Earnest Graham can take carries here and there, and Cadillac won’t fade into the night. But the Bucs want to get younger at every position with a young quarterback and two rookie receivers. They’ll get young at running back, too, and right now, Blount is their best option.
Stash him on your bench now, and hope for the best when the Bucs come back from their bye Week 5 to take on the Bengals.
Peyton Hillis, RB, Cleveland Browns
I mentioned him earlier this season on the waiver wire, and he makes this list today after having a historical performance, 100+ yards against the Ravens.
We heard about the Browns offensive line this offseason, but Jerome Harrison wasn’t able to take advantage of their skills during the early part of this season. Without him in the mix, Hillis proved he could.
He’s run well during his time and in Denver, and his skills as a rusher and pass-catcher have come to be appreciate in Cleveland as well.
No one can say for sure, but Hillis might have just earned himself the job as the No. 1 back in Cleveland for the rest of the season. That may not be a huge value, but a starter is a starter in this league.
Ryan Torain, RB, Washington Redskins
Shanahan’s prized, “prodigal son” prospect has returned to him, and he’s actually getting playing time.
In Denver, Torain showed promise in several games before a knee injury landed him on IR and then off the roster post-Shanahan. Lost in the shuffle of the 2005 All-Star backfield Shanahan brought together in Washington, Torain was cut alongside Willie Parker before the regular season, but now he’s back.
Rumor has it that the Redskins have more confidence in Torain carrying the full load than Keiland Williams, who was backing up Clinton Portis since the Redskins cut Larry Johnson. And the Redskins last-minute sign-and-play of Torain in Week 3 seems to suggest that the rumor is true.
Keep in mind that Shanahan is Shanahan, so this backfield won’t be reliable each week. But for now, it looks like Torain is the guy you want. He’ll be in demand on the waiver wire.
For the record, I haven’t given up on Keiland Williams either. So if you miss out on Torain this week and want to play the Shanny sweepstakes, Williams ain’t a bad bet either. He was, after all, important enough to stay on the roster when Torain got cut to start the year.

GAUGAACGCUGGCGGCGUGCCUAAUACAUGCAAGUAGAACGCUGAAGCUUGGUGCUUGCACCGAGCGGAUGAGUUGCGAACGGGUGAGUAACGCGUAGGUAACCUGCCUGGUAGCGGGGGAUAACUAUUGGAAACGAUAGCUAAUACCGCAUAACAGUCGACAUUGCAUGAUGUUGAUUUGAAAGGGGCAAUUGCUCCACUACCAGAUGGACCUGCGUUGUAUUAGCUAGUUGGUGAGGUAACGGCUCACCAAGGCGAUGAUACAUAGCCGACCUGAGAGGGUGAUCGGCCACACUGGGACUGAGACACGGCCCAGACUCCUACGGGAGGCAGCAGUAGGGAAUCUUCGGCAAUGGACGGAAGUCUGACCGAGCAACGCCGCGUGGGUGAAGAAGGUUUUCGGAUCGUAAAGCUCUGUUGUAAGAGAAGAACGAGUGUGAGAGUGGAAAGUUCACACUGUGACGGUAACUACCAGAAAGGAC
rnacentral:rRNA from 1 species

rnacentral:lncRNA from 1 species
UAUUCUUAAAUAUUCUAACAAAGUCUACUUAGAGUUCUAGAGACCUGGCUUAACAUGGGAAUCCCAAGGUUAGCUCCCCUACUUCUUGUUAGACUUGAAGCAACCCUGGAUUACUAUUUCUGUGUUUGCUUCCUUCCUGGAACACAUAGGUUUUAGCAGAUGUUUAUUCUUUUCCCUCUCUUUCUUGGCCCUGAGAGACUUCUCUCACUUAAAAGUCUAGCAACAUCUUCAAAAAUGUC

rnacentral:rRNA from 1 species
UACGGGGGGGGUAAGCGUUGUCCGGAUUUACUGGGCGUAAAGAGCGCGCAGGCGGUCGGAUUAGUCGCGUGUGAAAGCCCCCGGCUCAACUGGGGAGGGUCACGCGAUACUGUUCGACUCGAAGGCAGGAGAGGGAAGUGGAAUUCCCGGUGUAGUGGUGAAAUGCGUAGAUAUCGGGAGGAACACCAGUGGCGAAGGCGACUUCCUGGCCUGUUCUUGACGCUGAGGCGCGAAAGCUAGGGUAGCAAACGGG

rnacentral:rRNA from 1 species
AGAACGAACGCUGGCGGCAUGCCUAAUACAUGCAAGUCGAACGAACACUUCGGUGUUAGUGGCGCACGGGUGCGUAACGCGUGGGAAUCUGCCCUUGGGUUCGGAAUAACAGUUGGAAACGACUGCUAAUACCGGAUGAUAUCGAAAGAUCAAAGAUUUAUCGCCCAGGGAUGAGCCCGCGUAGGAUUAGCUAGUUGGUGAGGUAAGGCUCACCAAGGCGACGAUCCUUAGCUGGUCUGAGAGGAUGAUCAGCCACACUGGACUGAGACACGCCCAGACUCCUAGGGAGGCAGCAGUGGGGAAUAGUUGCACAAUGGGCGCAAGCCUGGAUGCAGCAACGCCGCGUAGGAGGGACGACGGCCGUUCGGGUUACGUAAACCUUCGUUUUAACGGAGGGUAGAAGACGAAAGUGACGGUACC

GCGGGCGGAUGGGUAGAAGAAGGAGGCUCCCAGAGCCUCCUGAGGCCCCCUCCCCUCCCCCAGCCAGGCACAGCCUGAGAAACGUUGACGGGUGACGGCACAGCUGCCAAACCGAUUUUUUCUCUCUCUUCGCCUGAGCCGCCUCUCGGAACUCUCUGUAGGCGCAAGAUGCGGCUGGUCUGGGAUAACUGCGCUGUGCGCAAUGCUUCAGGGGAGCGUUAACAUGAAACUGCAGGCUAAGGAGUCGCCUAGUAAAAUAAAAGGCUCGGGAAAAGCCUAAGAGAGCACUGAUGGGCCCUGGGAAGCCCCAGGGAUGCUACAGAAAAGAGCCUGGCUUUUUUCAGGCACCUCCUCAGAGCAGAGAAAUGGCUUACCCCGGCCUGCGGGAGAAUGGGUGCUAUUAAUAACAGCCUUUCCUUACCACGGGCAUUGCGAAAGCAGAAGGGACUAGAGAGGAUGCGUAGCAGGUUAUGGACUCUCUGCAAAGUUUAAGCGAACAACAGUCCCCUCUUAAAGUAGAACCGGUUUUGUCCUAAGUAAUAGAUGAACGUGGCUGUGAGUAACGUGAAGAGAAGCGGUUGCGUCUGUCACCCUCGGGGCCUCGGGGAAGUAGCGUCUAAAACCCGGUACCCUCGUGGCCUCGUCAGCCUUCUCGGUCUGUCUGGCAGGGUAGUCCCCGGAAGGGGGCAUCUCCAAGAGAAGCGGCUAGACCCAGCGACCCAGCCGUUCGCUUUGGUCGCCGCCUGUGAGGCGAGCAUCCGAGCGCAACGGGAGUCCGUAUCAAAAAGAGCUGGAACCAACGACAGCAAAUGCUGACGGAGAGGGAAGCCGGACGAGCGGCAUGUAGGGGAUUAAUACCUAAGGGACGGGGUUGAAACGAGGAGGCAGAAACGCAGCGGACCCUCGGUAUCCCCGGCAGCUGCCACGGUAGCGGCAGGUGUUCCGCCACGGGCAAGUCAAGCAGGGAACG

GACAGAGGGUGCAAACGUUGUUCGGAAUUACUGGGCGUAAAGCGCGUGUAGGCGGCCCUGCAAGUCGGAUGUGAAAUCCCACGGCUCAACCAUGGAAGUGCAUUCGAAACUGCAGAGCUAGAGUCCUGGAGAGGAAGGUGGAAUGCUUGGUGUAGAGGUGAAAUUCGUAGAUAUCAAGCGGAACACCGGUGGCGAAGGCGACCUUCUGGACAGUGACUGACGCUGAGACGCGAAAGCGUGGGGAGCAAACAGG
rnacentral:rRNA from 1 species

One thing I know for sure: Anyone could be the next big rushing star when Shanahan’s running things.
Other backs who could have an impact later this year:
Bernard Scott, RB, Cincinnati Bengals: Cedric Benson’s backup should be more than that this season. The Bengals want to work him in more as a larger part of the offense and a speedy complement to Benson’s pounding style. Benson hasn’t been the dominating back he was last season, but don’t expect Scott to take the job over full-time unless Benson is injured.
Javon Ringer, RB, Tennesee Titans: The Titans have admitted that they need to get Ringer more involved in the offense so that Chris Johnson can remain healthy, happy and dominating all season long and for many years to come. It remains to be seen how many carries he’ll get, but in the right matchup, Ringer could be a flex play. For now, he’s simply a handcuff to Johnson and a long-term investment for the rest of the season.
Willis McGahee, RB, Baltimore Ravens: He’s no spring chicken, but McGahee’s been getting touches even while Ray Rice was healthy. No that Rice has banged up his knee, McGahee could have an expanded role, especially short-term but possibly long-term as the Ravens try to keep Rice healthy for the playoffs and maximize the stable of running backs they have on the roster, also including LeRon McClain.
If you’re hard up for a running back who could become a “smelling of rich mahogany” big deal by year’s end, these backs are my current picks. Stash ’em now. Thank me later.